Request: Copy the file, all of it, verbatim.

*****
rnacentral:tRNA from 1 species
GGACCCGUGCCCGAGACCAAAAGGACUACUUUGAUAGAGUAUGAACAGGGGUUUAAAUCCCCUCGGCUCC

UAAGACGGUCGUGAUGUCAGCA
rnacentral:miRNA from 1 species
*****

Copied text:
rnacentral:tRNA from 1 species
GGACCCGUGCCCGAGACCAAAAGGACUACUUUGAUAGAGUAUGAACAGGGGUUUAAAUCCCCUCGGCUCC

UAAGACGGUCGUGAUGUCAGCA
rnacentral:miRNA from 1 species